List comprehension tips
If you are unaware, a new feature has been released in Desmos a few months ago: list comprehensions
They are similar to Python list comprehensions, where you can essentially use loops to construct lists. This functionality now allows us to be able to emulate nested for loops in Desmos, which was previously much harder to do.
List comprehensions follow the below form:
[(expression in terms of var1, ... ,varN) for var1 = (list1), var2 = (list2), ... , varN = (listN)]
This will construct a list by looping through each
var1, var2, ... , varN in a nested fashion.
There are some golfs you can do to save bytes in list comprehensions.
Let's take a simple list comprehension below:
Like any other function, you can simply take out the
\operatorname from the
for and it will still work. So all in all, you have something like this:
Even though the
a are together, Desmos will still be able to distinguish between them.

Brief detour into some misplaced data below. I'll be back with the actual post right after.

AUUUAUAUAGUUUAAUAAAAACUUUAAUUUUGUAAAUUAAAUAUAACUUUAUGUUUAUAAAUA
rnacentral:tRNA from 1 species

A quirk with list comprehensions (and nested for loops in general) is that you will actually get different lists based on the order of each list. Here's an example to illustrate my point (obviously not golfed completely for readability):
[a+b for a = [1,2,3], b = [2,4,6]] --> [3,4,5,5,6,7,7,8,9]
[a+b for a = [2,4,6], b = [1,2,3]] --> [3,5,7,4,6,8,5,7,9]
Generally, a list comprehension is generated following the pseudocode below (using the general list comprehension form that I mentioned earlier):
SET result to empty list
FOR each varN in (listN)
FOR each var2 in (list2)
FOR each var1 in (list1)
ADD (expression in terms of var1, ... , varN) to the end of result
A certain ordering of the lists can potentially save a few bytes over another if a code golf challenge requires the list output to be ordered in a certain way.